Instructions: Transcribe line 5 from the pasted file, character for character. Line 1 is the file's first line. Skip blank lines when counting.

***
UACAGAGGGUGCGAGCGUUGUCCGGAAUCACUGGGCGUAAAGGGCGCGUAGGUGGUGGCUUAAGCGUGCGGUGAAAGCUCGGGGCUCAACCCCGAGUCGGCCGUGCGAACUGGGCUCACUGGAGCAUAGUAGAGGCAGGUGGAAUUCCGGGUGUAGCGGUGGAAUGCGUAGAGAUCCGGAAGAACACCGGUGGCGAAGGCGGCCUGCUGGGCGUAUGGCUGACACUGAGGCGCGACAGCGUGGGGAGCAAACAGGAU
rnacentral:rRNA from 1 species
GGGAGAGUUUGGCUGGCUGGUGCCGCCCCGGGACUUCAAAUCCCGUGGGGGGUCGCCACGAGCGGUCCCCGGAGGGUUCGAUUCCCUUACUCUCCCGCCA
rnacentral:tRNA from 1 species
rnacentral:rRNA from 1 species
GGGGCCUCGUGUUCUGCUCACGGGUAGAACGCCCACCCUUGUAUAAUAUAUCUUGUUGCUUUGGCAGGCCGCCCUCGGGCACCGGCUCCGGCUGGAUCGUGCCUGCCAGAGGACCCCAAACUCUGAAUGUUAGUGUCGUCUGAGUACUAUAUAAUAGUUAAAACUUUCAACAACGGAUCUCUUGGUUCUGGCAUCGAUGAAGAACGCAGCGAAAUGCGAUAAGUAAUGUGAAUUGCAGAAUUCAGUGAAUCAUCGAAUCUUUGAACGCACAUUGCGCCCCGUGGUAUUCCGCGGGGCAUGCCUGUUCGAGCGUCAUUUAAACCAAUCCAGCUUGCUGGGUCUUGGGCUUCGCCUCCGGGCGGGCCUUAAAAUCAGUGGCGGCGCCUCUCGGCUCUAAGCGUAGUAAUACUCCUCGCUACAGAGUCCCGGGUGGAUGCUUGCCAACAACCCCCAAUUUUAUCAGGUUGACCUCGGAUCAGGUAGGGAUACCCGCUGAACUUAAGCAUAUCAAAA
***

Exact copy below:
rnacentral:rRNA from 1 species